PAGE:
Environmental activists use cell phone ringtones to make nature statement
ALBUQUERQUE, New Mexico: Amid the cacophony of cell phone ringtones these days,
add these: the clickety-click-click of a rare Central American poison arrow dart
frog, the howl of a Mexican gray wolf and the bellows of an Arctic beluga whale.
A U.S. environmental group is hoping that if people hear these sounds from
threatened animals on cell phones, they will wonder where they came from — and
question the fate of the animals and birds that make them.
"The point here is education and inspiration," said Michael Robinson, a
conservation advocate at the Center for Biological Diversity's office in Pinos
Altos, New Mexico.
Like other activist groups, the center is looking to the immediate attention
cell phones can bring to its cause. Already, some 24,000 people have downloaded
the rare rings for free from the center's Web site.
Four in five voting-age Americans have cells phones, and that number is expected
to keep growing. By 2008, as many as 30 percent of wireless users are likely to
forego their land lines and nearly all cell phones will have Internet
capabilities, according to a study by the New Politics Institute.
"With the ringtones, this is the tip of the iceberg," said Peter Leyden,
director of the institute, which studies the impact of cell phones — what he and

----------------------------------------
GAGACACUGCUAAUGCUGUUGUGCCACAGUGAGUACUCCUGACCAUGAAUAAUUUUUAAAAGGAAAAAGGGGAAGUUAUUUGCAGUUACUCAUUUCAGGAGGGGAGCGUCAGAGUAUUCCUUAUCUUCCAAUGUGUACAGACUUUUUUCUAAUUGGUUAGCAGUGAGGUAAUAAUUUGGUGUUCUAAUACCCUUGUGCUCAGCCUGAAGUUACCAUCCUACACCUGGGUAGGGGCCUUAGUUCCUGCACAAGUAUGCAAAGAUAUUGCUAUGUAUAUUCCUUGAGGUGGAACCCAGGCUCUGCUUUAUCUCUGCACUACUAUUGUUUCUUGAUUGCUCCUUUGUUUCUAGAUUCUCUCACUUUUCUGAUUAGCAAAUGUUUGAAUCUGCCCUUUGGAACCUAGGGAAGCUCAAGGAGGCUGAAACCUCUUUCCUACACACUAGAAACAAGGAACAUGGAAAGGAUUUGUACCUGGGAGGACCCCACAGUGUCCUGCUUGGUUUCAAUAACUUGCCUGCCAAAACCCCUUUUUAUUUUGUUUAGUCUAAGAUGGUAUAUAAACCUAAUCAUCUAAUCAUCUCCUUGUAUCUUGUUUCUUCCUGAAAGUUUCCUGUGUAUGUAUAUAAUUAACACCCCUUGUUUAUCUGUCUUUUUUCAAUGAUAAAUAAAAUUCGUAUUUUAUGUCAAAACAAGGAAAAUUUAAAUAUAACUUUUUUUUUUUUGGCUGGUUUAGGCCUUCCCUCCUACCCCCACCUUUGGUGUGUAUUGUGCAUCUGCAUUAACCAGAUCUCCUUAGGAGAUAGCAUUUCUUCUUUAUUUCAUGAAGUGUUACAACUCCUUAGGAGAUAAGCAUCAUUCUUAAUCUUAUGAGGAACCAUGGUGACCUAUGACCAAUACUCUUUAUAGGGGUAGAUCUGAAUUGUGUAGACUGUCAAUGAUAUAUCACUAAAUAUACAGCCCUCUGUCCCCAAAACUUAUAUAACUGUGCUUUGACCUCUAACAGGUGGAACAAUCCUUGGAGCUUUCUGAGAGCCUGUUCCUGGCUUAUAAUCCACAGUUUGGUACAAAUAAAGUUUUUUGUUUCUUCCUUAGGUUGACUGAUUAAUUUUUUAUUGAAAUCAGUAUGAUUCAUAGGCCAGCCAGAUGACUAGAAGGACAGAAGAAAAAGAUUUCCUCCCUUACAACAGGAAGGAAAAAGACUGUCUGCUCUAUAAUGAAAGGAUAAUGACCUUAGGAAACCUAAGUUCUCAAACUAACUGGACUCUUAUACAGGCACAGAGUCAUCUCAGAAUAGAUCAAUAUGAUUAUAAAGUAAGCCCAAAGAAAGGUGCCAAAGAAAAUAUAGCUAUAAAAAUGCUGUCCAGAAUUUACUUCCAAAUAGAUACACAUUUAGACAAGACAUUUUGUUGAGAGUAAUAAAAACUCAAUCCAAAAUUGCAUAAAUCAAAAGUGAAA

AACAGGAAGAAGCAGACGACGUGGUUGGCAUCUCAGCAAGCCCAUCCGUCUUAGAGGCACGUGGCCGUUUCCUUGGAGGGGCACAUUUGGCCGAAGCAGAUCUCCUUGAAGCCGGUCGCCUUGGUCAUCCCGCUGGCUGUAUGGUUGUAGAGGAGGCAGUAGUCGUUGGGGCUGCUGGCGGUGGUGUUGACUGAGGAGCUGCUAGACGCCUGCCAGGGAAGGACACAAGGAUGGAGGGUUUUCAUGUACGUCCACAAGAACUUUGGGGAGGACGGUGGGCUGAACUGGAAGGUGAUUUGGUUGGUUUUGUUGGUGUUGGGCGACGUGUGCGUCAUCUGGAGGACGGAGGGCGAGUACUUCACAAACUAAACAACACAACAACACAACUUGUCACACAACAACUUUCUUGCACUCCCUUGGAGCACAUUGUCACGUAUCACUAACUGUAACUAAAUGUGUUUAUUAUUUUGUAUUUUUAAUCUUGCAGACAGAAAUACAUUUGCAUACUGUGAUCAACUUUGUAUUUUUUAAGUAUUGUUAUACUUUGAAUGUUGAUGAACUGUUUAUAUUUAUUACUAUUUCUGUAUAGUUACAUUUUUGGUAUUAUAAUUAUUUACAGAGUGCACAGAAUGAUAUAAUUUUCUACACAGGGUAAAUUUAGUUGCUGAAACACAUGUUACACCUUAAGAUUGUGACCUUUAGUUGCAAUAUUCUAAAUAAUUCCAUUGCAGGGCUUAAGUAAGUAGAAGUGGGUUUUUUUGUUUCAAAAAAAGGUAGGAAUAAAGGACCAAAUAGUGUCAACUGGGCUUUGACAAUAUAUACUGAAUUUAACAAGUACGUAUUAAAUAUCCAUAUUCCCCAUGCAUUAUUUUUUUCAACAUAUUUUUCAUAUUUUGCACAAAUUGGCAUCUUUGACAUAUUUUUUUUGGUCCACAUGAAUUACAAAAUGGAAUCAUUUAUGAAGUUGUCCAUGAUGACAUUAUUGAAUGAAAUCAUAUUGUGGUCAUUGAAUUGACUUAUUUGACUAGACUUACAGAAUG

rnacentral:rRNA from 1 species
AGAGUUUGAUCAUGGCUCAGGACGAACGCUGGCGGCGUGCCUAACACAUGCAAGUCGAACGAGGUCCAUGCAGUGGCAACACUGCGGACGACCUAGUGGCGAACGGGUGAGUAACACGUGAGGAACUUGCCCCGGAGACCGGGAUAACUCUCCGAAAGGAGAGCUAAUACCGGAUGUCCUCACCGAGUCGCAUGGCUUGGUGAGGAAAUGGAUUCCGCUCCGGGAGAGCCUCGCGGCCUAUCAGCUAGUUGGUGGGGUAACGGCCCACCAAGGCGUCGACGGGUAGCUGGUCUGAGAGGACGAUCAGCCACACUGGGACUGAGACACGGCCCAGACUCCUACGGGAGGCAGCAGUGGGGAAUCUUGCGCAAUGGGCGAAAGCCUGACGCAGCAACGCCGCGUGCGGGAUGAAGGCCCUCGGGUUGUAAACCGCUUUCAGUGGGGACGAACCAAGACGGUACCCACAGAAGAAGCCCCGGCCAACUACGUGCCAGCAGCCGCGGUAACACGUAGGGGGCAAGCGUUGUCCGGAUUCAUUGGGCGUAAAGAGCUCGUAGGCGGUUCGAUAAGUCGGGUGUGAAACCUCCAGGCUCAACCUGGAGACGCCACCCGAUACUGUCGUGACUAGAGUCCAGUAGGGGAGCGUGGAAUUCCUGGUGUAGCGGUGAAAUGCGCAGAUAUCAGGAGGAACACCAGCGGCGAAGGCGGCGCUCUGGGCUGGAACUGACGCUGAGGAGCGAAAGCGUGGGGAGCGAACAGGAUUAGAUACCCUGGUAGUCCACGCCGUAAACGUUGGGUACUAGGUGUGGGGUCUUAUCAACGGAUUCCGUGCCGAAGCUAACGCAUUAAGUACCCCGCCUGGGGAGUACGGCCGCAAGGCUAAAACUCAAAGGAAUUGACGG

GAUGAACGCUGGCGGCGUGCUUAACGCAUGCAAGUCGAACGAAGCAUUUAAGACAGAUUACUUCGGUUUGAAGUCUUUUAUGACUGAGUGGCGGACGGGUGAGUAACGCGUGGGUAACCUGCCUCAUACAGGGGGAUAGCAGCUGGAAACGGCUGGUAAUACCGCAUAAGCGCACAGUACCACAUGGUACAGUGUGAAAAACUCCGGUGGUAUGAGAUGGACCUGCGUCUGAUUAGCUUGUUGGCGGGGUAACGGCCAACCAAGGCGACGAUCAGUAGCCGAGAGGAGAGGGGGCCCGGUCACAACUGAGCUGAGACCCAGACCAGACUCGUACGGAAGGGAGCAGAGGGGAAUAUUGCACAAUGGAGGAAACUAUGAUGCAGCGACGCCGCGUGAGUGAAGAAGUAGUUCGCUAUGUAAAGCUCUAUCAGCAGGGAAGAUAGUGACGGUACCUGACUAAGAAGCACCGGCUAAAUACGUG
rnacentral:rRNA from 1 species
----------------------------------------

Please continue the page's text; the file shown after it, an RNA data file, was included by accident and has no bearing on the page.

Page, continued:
others call "mobile media" — on political and social campaigns.
Take for example the efforts of U2 front man Bono. He got thousands of people to
sign up for the ONE Campaign, a nonprofit dedicated to fighting global AIDS and
poverty, by asking fans to send a text message during the band's concerts.
Amnesty International also uses text messaging to send action notices to members
around the world.
Peter Galvin, a co-founder of the Center for Biological Diversity, came up with
the idea for the free ringtones of endangered and rare species as a way to
educate people — especially the younger, technologically savvy generation.
"And with young people, it has to be interesting and it has to be cool," he
In addition to the wolf and the whale, there are ringtones from several species
of frogs from around the world, a few South American birds and North American
The poison arrow dart frog will be added to the list once Galvin gets back from
Panama. He spent three days in the jungle, patiently listening for the calls of
the tiny frog.
It took similar efforts to capture the sounds of other rare animals.
Some at the center say the howl ringtone might be one of the only recordings of
the Mexican gray wolf in the wild. Biologists began releasing wolves on the
Arizona-New Mexico border in 1998 to re-establish the species in part of its
historic range after it had been hunted to the brink of extinction in the early
While the ringtones might be amusing to hear, Robinson said the ringtone is
"We can get people thinking about something outside their immediate world, a
more wilder world," he said.